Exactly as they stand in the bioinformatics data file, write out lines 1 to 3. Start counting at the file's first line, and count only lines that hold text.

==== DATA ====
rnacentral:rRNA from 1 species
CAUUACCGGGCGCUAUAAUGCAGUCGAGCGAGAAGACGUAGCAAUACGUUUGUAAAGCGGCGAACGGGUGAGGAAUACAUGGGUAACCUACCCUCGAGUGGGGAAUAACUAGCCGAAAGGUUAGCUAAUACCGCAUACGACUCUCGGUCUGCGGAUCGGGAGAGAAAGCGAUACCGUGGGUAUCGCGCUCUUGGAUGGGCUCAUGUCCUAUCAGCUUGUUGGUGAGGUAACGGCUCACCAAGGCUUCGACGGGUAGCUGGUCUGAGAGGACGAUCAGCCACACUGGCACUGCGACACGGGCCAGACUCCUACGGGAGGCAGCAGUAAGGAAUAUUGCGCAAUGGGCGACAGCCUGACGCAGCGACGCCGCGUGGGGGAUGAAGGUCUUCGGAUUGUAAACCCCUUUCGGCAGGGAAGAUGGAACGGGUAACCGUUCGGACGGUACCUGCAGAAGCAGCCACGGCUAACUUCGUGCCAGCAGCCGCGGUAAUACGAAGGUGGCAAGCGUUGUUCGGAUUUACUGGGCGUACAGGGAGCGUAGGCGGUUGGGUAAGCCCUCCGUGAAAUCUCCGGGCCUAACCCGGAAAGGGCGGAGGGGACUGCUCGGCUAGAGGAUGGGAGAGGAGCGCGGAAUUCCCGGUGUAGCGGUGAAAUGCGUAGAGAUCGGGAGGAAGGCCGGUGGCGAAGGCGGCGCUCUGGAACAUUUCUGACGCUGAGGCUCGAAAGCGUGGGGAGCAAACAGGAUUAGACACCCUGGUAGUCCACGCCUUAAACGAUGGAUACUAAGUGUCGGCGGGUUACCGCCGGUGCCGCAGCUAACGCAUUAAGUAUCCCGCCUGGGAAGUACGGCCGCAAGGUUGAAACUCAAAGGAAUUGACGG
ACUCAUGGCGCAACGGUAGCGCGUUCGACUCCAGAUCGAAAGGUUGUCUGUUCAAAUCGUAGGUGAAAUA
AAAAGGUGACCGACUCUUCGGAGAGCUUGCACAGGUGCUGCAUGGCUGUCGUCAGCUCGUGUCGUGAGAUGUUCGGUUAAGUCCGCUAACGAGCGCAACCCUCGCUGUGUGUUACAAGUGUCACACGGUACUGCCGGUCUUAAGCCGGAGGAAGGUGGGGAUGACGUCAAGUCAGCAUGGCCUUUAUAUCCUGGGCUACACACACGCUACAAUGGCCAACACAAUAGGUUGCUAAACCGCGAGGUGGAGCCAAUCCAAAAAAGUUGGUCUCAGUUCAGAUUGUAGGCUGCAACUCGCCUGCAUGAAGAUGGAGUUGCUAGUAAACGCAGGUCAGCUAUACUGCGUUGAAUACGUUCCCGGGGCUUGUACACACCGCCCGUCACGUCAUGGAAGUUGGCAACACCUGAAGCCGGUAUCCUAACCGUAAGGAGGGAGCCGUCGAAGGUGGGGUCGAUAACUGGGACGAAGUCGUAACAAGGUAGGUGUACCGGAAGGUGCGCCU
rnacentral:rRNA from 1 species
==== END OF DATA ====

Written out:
rnacentral:rRNA from 1 species
CAUUACCGGGCGCUAUAAUGCAGUCGAGCGAGAAGACGUAGCAAUACGUUUGUAAAGCGGCGAACGGGUGAGGAAUACAUGGGUAACCUACCCUCGAGUGGGGAAUAACUAGCCGAAAGGUUAGCUAAUACCGCAUACGACUCUCGGUCUGCGGAUCGGGAGAGAAAGCGAUACCGUGGGUAUCGCGCUCUUGGAUGGGCUCAUGUCCUAUCAGCUUGUUGGUGAGGUAACGGCUCACCAAGGCUUCGACGGGUAGCUGGUCUGAGAGGACGAUCAGCCACACUGGCACUGCGACACGGGCCAGACUCCUACGGGAGGCAGCAGUAAGGAAUAUUGCGCAAUGGGCGACAGCCUGACGCAGCGACGCCGCGUGGGGGAUGAAGGUCUUCGGAUUGUAAACCCCUUUCGGCAGGGAAGAUGGAACGGGUAACCGUUCGGACGGUACCUGCAGAAGCAGCCACGGCUAACUUCGUGCCAGCAGCCGCGGUAAUACGAAGGUGGCAAGCGUUGUUCGGAUUUACUGGGCGUACAGGGAGCGUAGGCGGUUGGGUAAGCCCUCCGUGAAAUCUCCGGGCCUAACCCGGAAAGGGCGGAGGGGACUGCUCGGCUAGAGGAUGGGAGAGGAGCGCGGAAUUCCCGGUGUAGCGGUGAAAUGCGUAGAGAUCGGGAGGAAGGCCGGUGGCGAAGGCGGCGCUCUGGAACAUUUCUGACGCUGAGGCUCGAAAGCGUGGGGAGCAAACAGGAUUAGACACCCUGGUAGUCCACGCCUUAAACGAUGGAUACUAAGUGUCGGCGGGUUACCGCCGGUGCCGCAGCUAACGCAUUAAGUAUCCCGCCUGGGAAGUACGGCCGCAAGGUUGAAACUCAAAGGAAUUGACGG
ACUCAUGGCGCAACGGUAGCGCGUUCGACUCCAGAUCGAAAGGUUGUCUGUUCAAAUCGUAGGUGAAAUA